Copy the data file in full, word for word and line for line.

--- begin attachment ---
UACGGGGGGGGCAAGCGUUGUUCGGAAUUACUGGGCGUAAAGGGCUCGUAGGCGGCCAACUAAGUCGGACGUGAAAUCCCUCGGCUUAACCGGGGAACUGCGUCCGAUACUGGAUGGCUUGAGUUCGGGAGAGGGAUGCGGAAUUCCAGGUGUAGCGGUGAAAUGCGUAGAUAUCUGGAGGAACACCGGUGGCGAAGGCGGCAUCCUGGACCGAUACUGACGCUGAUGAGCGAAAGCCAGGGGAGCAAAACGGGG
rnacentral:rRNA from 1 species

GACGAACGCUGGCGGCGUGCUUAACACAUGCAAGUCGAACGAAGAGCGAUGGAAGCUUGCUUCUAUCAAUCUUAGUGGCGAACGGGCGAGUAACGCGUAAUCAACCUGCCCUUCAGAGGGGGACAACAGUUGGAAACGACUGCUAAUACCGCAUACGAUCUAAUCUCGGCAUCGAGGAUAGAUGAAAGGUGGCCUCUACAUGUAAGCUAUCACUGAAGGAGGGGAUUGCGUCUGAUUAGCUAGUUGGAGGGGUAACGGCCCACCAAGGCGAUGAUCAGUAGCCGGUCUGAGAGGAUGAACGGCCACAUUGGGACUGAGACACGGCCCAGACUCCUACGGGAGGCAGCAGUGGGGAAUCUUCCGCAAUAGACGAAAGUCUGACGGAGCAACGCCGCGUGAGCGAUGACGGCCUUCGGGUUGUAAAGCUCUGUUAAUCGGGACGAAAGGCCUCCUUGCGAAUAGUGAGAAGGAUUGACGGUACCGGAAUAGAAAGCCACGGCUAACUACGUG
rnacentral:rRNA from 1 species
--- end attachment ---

UACGGGGGGGGCAAGCGUUGUUCGGAAUUACUGGGCGUAAAGGGCUCGUAGGCGGCCAACUAAGUCGGACGUGAAAUCCCUCGGCUUAACCGGGGAACUGCGUCCGAUACUGGAUGGCUUGAGUUCGGGAGAGGGAUGCGGAAUUCCAGGUGUAGCGGUGAAAUGCGUAGAUAUCUGGAGGAACACCGGUGGCGAAGGCGGCAUCCUGGACCGAUACUGACGCUGAUGAGCGAAAGCCAGGGGAGCAAAACGGGG
rnacentral:rRNA from 1 species

GACGAACGCUGGCGGCGUGCUUAACACAUGCAAGUCGAACGAAGAGCGAUGGAAGCUUGCUUCUAUCAAUCUUAGUGGCGAACGGGCGAGUAACGCGUAAUCAACCUGCCCUUCAGAGGGGGACAACAGUUGGAAACGACUGCUAAUACCGCAUACGAUCUAAUCUCGGCAUCGAGGAUAGAUGAAAGGUGGCCUCUACAUGUAAGCUAUCACUGAAGGAGGGGAUUGCGUCUGAUUAGCUAGUUGGAGGGGUAACGGCCCACCAAGGCGAUGAUCAGUAGCCGGUCUGAGAGGAUGAACGGCCACAUUGGGACUGAGACACGGCCCAGACUCCUACGGGAGGCAGCAGUGGGGAAUCUUCCGCAAUAGACGAAAGUCUGACGGAGCAACGCCGCGUGAGCGAUGACGGCCUUCGGGUUGUAAAGCUCUGUUAAUCGGGACGAAAGGCCUCCUUGCGAAUAGUGAGAAGGAUUGACGGUACCGGAAUAGAAAGCCACGGCUAACUACGUG
rnacentral:rRNA from 1 species